Dick Brass: Nail-biting finale to first season of Trump presidency
Our pretend President and pretend billionaire is now mounting a pretend coup. America cannot pretend to know exactly how it will end.
As everyone in New Zealand has heard, Donald Trump has decisively lost the election but refuses to concede, something no modern president has withheld. And while a concession is not at all necessary for transition, Trump is taking other actions that have left the whole world nervous about his intentions. Especially if you live here.
He has filed an array of lawsuits since the election claiming fraud, miscounts and other wrongdoing. None seem to have actual merit. Not one of these suits has succeeded and most are quickly laughed out of court – nine of them in one day last week. In Arizona, where Biden beat Trump by about 10,000 votes, Trump’s lawyers themselves withdrew their suit when it was pointed out they were only contesting 191 votes out of 10,000. In Pennsylvania, a Trump lawyer reluctant to lie to a judge’s direct question admitted there was no fraud and the case was dismissed. On Saturday, Trump’s lawyers for Pennsylvania dropped Trump. And yet, Trump promises to file more. “WE WILL WIN!” he tweeted. A “Stop the Steal” demo organised by Republican operatives yesterday in Washington DC attracted perhaps 5000 and ended with at least 10 arrests and some fights.
There have long been rumours Trump operatives are working quietly with some state legislatures on a plan to overturn the pro-Biden vote and appoint instead their own pro-Trump delegates – “electors” we call them. In America, as you may have by now reluctantly learned, the national popular vote is meaningless and the President is elected by an “electoral college” whose 538 members are sent by each state. The plan, long suspected among Democrats, is to hijack the electors. The almost non-existent voting irregularities would be the excuse.
The Republican Party so far is largely going along with Trump’s bogus charges or just keeping their mouths shut. Notable exceptions seem to include Rupert Murdoch, former President George Bush, campaign guru Karl Rove and a very few Republican senators.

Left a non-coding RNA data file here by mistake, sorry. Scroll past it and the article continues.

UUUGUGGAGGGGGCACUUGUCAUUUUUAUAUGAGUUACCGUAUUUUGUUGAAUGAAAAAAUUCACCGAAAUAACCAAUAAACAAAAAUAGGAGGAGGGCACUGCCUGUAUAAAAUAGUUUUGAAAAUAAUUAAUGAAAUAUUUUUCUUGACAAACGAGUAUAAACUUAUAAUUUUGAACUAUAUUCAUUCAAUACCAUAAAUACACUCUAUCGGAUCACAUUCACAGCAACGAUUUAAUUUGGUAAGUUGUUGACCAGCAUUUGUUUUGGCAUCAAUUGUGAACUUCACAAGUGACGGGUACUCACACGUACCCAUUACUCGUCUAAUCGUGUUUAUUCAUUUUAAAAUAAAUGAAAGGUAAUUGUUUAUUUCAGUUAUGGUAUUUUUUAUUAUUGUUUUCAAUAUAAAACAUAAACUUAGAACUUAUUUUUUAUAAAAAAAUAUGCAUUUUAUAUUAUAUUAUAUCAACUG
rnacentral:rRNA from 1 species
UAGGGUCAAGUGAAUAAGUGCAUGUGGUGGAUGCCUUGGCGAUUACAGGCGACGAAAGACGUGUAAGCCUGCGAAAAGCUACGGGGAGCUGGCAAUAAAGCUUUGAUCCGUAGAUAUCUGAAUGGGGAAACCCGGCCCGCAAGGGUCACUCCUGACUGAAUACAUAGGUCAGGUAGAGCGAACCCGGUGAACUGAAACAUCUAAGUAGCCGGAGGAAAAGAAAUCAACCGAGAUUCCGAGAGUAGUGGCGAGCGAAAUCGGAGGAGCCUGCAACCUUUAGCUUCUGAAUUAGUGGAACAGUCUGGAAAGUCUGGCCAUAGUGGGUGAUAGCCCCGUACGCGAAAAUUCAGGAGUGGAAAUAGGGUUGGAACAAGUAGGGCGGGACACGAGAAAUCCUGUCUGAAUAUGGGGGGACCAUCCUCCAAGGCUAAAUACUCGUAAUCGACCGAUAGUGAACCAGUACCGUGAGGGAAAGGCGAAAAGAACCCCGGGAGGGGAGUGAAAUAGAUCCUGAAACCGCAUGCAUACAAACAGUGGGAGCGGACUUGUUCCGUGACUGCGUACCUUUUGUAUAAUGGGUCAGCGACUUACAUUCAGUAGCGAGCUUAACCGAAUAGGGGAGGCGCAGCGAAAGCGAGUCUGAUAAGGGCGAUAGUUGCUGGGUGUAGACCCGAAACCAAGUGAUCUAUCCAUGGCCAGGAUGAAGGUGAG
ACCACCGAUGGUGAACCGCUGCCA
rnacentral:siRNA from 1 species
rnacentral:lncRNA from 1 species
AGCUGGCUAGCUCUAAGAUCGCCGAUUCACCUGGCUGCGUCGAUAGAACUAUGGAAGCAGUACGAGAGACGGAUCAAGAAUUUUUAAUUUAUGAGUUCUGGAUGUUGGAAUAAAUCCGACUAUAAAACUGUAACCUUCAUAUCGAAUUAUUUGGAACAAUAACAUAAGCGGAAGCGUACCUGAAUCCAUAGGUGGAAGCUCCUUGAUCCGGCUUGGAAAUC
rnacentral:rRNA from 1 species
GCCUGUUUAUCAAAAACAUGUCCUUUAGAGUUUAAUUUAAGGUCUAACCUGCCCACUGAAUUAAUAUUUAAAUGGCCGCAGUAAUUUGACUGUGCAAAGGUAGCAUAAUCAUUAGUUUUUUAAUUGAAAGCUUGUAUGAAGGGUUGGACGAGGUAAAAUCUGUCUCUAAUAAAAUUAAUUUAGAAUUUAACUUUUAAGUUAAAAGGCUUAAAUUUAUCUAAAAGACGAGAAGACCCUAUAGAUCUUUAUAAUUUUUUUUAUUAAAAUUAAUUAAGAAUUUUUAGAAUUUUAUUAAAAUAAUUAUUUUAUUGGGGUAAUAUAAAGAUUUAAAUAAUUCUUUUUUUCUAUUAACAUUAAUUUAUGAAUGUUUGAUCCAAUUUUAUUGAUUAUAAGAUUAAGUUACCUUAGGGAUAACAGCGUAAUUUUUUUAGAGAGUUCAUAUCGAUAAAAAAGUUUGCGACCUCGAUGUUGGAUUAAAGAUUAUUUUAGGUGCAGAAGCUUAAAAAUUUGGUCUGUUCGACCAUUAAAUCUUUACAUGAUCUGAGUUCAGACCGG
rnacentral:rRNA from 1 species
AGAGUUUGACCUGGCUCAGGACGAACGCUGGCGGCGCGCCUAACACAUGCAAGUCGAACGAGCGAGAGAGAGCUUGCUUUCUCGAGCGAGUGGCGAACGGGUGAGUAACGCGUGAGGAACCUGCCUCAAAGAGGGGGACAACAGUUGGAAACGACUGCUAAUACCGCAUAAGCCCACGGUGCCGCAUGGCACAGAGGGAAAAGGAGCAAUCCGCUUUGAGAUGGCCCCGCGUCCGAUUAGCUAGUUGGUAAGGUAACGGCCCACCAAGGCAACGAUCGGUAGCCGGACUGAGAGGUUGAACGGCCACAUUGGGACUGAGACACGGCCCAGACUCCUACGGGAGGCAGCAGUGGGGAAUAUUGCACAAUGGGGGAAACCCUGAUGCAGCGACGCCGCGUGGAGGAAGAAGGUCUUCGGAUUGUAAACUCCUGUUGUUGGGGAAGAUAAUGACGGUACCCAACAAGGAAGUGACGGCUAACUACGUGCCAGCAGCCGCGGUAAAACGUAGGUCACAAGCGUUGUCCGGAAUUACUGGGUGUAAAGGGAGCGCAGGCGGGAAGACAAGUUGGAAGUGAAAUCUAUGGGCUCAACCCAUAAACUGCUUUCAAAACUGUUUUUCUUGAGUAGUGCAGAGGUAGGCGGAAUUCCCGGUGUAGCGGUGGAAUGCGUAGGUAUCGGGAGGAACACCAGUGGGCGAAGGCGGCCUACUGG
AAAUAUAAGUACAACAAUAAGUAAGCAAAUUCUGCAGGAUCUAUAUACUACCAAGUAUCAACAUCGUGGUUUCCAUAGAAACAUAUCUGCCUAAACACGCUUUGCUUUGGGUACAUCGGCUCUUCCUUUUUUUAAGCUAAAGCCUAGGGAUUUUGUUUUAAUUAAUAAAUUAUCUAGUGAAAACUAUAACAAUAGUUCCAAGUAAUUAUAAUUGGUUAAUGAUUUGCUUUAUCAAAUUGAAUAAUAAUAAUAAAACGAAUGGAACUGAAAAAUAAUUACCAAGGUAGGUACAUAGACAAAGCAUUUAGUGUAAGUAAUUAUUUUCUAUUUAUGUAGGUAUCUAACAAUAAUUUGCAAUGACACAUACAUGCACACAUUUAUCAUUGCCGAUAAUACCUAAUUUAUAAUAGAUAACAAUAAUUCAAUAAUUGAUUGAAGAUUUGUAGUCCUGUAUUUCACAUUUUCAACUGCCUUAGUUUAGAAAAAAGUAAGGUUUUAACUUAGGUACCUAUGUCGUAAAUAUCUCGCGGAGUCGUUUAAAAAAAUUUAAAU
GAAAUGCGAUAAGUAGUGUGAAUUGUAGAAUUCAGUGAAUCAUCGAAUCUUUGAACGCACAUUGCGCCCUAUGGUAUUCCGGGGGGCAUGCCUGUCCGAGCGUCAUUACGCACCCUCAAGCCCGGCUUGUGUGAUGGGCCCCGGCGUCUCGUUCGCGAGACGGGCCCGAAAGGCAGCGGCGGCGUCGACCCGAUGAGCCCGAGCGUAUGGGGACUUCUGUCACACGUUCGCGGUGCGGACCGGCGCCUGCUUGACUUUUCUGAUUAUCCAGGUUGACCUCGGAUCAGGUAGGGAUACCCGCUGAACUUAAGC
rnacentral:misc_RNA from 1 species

At the same time, Trump has made some sudden changes at the Pentagon and in the security agencies that have spooked folks who watch these things. He fired our Defence Secretary immediately after the election and replaced him with a minor anti-terrorist analyst and former Green Beret. Last week, he appointed three reliable loyalists to other top security positions.One specialised in attacking the idea of Russian election interference here, something our Mueller Report documented. Another called President Barack Obama a “terrorist leader”. This is not the A Team.
There are rumours that CIA director Gina Haspel might be fired. On Saturday, comedian Bill Maher told his cable audience that if Army Chief of Staff Mark Milley is fired next, the coup is on.
My friends here in Seattle are divided. The Republicans among them are split. Several actually think Trump is fighting to overturn a transparently rigged election; most think he’s just “trolling the libs” and will eventually leave quietly. Several suspect he’s doing all this to bring out his base for a crucial January runoff election in Georgia that will decide who controls the US Senate.